As Boko Haram, the Islamic fundamentalist group, continues to terrorise the North-east, its members’ atrocious activities have impacted negatively on the banking industry with many banks counting their losses, reports Osaze Omoragbon
While the nation relishes the ongoing military onslaught against the terror group— Boko Haram, banks are quietly counting their losses following sustained attacks on their facilities in the north-eastern part of the country in the last few years. Some months ago, First Bank lost huge sums of money to suicide bomb attack at an ATM in its Azare branch in Bauchi State. The attack which left scores of people dead resulted in the closure of the branch. Industry watchers say as the insurgents ravage the area, there is likelihood that more banks will close their branches.
Indeed, several banks have closed shop in the restive region due to rising spate of insecurity with its attendant costs. Sources claim no fewer than 30 bank branches have been closed in Potiskum and Damaturu, both in Yobe State, Mubi in Adamawa and Azare in Bauchi State, just to mention a few. “The North-east is now a sour place for banks,” says a management staffer with one of the banks that closed shop. Other branches in the region are said to be on high alert even as they take extra security measures against retaliatory attacks following the military onslaught against the insurgents. Some branches have been advised by their head offices to close earlier than the official time to avoid terrorist attack. There are days when some banks close their doors as early as 1pm while advising customers to patronise the ATM and other electronic platforms.
In Gombe State, where terrorist activities are still relatively low bankers, according to sources, are apprehensive when at work; suspicious of every customer not knowing who could disguise only to launch terrorist attack. Recently, a suspected terrorist was mobbed to death at a motor park by angry youths in Gombe. “Bankers are symptomatic of everything that Boko Haram detests. Whether it is their dress code or the services they provide, they see as western lifestyle,” says Fidelis Onochie, a banker based in Bauchi.
Aside the staff that have been rendered redundant, banks are said to be missing profitable business opportunities especially cross-border transactions which is said to be very lucrative. Staff of closed branches are being reassigned to other branches doing little or no work while still earning their fat salaries. Buildings, office furniture and fittings are left to rot away while some banks are praying that normalcy returns soonest. Cross-border transactions involving businessmen in Cameroon, Niger and Chad have taken a hit. This business which usually involves trade in food commodities, poultry and livestock has seen less of bank financing especially in the last two years. This robs entrepreneurs of the much needed capital, resulting in loss of banks’ profits. As at the time of filing-in this report, investigations showed that few banks opened in Mubi even as some banks took the hard decision to exit the area completely prior to the recent attacks. Uncertainty, according to sources, is clouding decision making for bankers. Observers say until recently that the Army was perceived as weak and could not be trusted with information as regard the safety of these places.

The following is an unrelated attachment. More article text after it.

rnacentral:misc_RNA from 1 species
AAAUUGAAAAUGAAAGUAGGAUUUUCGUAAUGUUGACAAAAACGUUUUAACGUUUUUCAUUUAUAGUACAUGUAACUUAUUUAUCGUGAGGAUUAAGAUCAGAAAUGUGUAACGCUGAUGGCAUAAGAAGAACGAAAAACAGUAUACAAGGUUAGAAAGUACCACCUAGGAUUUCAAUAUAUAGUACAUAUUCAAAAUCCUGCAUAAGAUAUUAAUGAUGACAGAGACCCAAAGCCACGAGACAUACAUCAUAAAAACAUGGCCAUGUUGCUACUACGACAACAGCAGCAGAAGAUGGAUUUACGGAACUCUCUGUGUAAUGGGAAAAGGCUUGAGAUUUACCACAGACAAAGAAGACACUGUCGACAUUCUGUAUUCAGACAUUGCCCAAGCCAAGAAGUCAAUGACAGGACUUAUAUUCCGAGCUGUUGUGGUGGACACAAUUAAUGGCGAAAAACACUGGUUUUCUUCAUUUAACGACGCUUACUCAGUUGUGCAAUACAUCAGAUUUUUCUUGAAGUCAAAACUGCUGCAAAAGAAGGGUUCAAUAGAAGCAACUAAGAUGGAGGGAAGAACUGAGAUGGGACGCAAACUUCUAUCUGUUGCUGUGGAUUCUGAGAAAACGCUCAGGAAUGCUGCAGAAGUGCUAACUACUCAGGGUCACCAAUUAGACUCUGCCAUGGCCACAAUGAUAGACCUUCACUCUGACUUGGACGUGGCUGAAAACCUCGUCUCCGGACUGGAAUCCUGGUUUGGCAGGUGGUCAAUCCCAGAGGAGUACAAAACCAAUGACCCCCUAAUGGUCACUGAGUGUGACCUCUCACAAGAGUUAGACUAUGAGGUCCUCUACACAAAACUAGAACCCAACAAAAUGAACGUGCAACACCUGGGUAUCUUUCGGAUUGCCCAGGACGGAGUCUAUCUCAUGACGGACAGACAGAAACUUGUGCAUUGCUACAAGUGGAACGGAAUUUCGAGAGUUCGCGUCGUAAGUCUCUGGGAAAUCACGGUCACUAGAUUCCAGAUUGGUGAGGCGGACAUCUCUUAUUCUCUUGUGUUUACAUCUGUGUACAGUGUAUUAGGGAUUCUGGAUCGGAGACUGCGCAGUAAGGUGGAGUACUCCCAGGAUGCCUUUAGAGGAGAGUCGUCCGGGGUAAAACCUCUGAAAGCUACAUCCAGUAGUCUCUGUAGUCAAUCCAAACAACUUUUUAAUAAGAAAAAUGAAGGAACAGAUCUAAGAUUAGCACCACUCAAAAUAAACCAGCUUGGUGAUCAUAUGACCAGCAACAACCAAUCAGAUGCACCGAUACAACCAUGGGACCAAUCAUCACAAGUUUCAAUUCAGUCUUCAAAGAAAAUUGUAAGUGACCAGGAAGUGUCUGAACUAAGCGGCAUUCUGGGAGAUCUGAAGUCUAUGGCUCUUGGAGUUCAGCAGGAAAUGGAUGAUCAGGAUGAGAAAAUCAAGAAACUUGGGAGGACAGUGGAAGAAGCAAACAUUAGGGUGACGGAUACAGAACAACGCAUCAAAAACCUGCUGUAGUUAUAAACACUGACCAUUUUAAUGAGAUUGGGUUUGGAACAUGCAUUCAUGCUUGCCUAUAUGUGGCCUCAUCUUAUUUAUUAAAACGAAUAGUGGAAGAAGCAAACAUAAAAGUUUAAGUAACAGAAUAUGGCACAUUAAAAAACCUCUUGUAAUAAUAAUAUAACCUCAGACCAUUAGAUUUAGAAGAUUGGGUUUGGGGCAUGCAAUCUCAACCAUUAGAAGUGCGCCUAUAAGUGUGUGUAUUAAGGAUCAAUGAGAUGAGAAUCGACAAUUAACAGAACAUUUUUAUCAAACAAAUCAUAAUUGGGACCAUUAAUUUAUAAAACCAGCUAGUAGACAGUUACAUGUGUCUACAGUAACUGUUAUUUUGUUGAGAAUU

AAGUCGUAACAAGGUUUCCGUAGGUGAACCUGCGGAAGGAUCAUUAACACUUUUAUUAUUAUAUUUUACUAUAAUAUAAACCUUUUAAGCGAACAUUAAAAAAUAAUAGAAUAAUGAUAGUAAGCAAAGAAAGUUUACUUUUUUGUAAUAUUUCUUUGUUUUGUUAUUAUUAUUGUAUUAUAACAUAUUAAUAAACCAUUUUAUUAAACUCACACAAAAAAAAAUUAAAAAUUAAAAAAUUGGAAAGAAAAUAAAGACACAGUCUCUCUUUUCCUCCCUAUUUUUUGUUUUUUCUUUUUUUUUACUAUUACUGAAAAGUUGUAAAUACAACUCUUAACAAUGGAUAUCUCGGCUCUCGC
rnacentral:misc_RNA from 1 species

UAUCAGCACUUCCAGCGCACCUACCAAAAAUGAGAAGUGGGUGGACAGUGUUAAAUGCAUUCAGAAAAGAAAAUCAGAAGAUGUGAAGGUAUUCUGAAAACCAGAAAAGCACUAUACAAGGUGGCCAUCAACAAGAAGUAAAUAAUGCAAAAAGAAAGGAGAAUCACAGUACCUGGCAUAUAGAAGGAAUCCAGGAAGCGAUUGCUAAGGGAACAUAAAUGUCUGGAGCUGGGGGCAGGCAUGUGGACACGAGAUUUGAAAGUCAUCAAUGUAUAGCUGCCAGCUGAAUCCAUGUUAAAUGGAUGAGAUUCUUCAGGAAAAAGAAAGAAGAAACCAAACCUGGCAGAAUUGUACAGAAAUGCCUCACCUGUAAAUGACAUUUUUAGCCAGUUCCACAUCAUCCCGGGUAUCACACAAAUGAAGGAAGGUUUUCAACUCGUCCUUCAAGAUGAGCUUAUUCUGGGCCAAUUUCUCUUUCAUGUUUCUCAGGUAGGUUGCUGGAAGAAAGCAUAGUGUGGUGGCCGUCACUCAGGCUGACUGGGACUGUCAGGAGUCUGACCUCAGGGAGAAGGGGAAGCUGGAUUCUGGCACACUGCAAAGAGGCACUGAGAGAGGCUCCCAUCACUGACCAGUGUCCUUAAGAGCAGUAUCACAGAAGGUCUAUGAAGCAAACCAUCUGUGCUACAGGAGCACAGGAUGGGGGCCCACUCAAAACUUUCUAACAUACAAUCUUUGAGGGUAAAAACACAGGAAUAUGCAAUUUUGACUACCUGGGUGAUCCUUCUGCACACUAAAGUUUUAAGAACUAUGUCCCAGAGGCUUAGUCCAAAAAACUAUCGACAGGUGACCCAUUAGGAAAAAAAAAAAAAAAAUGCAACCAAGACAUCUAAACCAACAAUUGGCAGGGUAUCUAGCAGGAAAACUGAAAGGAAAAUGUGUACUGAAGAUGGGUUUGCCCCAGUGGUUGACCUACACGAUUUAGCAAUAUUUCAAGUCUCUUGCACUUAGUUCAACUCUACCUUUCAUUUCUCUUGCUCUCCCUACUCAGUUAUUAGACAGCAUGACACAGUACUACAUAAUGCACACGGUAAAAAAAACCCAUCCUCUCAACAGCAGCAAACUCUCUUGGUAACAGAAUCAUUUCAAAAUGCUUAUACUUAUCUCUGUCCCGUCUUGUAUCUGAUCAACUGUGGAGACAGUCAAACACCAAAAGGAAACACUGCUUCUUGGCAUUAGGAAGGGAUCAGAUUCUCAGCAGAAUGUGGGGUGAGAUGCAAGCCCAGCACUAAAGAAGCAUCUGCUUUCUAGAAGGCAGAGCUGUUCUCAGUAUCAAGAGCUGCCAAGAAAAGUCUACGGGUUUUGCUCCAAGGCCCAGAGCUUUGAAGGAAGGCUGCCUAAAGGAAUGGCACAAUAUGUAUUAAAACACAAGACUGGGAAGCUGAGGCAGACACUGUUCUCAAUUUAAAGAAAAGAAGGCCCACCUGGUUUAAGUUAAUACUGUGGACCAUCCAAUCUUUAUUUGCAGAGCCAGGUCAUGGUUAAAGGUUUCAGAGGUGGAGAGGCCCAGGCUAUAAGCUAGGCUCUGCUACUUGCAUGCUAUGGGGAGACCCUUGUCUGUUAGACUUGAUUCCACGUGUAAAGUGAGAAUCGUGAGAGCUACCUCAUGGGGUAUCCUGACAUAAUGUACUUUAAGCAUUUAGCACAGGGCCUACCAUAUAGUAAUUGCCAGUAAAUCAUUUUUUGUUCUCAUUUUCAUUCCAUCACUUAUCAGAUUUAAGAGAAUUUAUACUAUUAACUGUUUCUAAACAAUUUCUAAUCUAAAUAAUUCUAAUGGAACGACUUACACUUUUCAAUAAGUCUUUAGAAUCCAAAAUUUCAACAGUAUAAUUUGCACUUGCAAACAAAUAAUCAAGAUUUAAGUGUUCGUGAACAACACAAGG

Electronic transactions which are pushing the boundaries of banking is the most severely hit with the terrorists blowing up ATMs and telecom masts. This has slowed electronic banking services in a region that lags behind others in indices of poverty and financial inclusion. The result is that the Central Bank’s target of achieving financial inclusion will be severely affected.
Indeed, schools have been closed for fear of losing pupils and students to the terrorists such as the case of the still missing Chibok girls, about a year after they were adopted. This has closed another business avenue for the remaining few banks whose services are employed by schools in the region.
What are the implications? The terrorist activities, according to observers, will affect the balance sheets of banks; no matter how little. Some analysts dismiss the claim that the bottom-line of the banks will be affected since the region contributes a disproportionately low share to the income and assets of the banks. A closure of the branches in the North-east, they believe, will not materially affect the balance sheet of the banks. “While it is true that income from banks is mostly generated in southern part of the country, however, it will be naïve to think that the North-east region is free riding on banking services. Prior to the attacks, our bank made handsome profit,” says a banker who pleaded anonymity.
The broader social consequence is that development will be retarded in the North-east to the extent that not even the imposition of State-of-Emergency by the federal government in the affected states will easily serve as a remedy. Experts contend that banking is based on trust and the terrorists are destroying that trust by sowing mutual suspicion which banks will not find easy to rebuild when peace eventually returns.